Changing Social Norms, One Step at a Time


Author: Subeksha Poudel

One step at a time

Human development outcomes in Nepal continue to be slowed by gender, social and geographical exclusion, and inequality. Despite constitutional guarantees preventing gender-based violence and caste-based discrimination in Nepal, it continues to persist in different forms with impunity, perpetuating their socio-economic standing in society. Women and girls with intersectional identities face compounded forms of discrimination and have a much higher risk of facing violence. In addition, young people in Nepal constitute 40.35 per cent of the population however only 18 per cent of them occupy decision-making roles in local organizations. They face discrimination based on age, gender, caste, class, ethnicity, religious beliefs, and more, reinforcing the historical hierarchies existing in Nepal. Youth engagement is key to transforming intergenerational patterns of discriminatory norms and behaviours in the communities through not only traditional forms of advocacy and engagement, but also through new technologies and approaches. Without ending discriminatory social norms, gender equality and social inclusion cannot be achieved. In efforts to identify discriminatory social norms preventing the youth in Nepal to be on an equal footing, UN Women with support from the Government of Finland partnered with Srijanalaya, a national NGO, to carry out the competition: Changing Social Norms, One Step at a Time.

Over 40 youth from across Nepal sent pitches for developing videos focusing on the social norm they wanted to change. Five pitches on the themes of Chhaupadi (a form of menstrual exile where women and girls sleep in small huts or animal sheds during menstruation and immediately after giving birth), caste-based discrimination, issues of queer and disability and gender identity were shortlisted for filmmaking. In developing the films, the participants shared their own stories and shaped the narratives of their communities, pushing viewers to engage in creating a society free of discrimination.

All five participants joined the two-month-long project remotely via zoom from across Nepal. Srijanalaya supported participants with smartphones and data packages to minimize barriers to accessing the course. The participants were coached to convert their pitches into formats for films showing the conflicts and end goals. They also identified the main character in the film to take forward ideas of discriminatory social norms. Participants used various techniques such as interviews, observations, and reenactment.

The participants were also trained on the concept of gaze and how a film differs when a film on the same topic is made by someone from outside the community and from someone who belongs to the same community and is mindful of the unconscious biases they brought in the films. They were guided on how to take informed consent for filmmaking. All participants received a mobile phone to capture various visual styles for documenting videos. They also learned composition techniques to depict concepts such as showing power dynamics in an image. The participants also received an external mic and tripod each to support them on how to pan out images and get better audio quality.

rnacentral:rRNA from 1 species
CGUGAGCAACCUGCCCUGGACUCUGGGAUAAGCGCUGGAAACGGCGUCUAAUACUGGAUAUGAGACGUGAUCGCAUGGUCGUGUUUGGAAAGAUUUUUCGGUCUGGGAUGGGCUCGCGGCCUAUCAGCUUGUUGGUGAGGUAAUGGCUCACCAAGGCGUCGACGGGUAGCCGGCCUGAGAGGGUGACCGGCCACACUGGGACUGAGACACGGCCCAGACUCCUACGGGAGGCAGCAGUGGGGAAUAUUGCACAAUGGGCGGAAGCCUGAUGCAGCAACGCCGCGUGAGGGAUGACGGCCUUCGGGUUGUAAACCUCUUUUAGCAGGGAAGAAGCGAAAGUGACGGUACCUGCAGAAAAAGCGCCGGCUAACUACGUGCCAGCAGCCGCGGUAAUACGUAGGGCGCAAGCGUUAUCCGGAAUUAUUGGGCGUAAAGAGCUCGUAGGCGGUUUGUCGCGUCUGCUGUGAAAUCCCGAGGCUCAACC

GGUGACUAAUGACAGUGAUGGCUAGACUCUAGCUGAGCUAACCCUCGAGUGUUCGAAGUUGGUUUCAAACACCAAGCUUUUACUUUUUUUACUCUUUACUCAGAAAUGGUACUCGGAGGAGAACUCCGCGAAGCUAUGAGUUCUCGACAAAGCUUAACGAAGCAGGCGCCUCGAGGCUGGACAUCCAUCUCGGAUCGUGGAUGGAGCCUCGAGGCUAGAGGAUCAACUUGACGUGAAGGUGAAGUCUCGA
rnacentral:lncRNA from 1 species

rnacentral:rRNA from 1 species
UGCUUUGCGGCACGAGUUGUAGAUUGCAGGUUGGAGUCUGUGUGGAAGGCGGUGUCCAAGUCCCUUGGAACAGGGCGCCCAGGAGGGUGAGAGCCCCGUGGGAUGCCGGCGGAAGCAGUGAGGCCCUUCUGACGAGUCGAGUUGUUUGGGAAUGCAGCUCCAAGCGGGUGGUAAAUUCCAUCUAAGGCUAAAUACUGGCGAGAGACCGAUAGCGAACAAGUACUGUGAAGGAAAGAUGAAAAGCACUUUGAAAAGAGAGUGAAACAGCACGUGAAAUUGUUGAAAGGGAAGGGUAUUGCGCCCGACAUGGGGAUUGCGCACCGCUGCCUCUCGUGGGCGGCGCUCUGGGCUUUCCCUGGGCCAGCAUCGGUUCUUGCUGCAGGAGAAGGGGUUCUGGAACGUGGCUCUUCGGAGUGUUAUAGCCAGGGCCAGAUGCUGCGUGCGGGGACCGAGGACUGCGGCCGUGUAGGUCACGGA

In videos

Is it a curse to menstruate?

के महिनावारी हुनु सराप हो? | Bhawana Bogati’s film focuses on the practice of Chhaupadi and depicts the reality of staying in a shed when menstruating in Achham.

Twenty-six-year-old Bhawana lives in Achham, Sudurpaschim Province. She works as a Community Health Programme Associate in Nyaya Health Nepal, Achham.


Samjhana Nepali has chosen Khurri as the main character for her film. Using observation technique as one of her main tools in her film, Samjhana portrays the detrimental impact of caste-based discrimination on Khurri’s mental health.

Twenty-two-year-old Samjhana lives in Mugu, Karnali Province. Samjhana works as a theater artist and a writer using art to end discriminatory social norms and caste-based discrimination.

Multiple Identity

Safal Lama focuses their film on the layers of identity everyone has. Using themselves as one of the main characters in the film, Safal urges people to think beyond bracketing people in single identity and embrace the diverse identities.

Twenty-three-year-old Safal (they/them) is an indigenous queer disability rights activist and pscchosocial counselor from Humla, Karnali Province.

Voice Against caste-based discrimination

जातीय जालो बिरुद्धको आवाज | Radhika Pariyar’s film focuses on the structural barriers faced by the members of Dalit community. Highlighting the skills or work that was historically imposed on Dalit communities in the Hindu caste-based structure, she brings forth how it prevents Dalit community from being on an equal footing in today’s Nepal.

Twenty-seven-year-old Radhika from Gorkha, Gandaki Province works as Programme and Research The Story Kitchen.


पहिचान | Zion Magar has developed the film based on his personal story. He focuses on his life experience, the struggles he faced because of his gender identity and how he overcame them.

Twenty-one-year-old Zion (he/him) lives in Bagmati Province.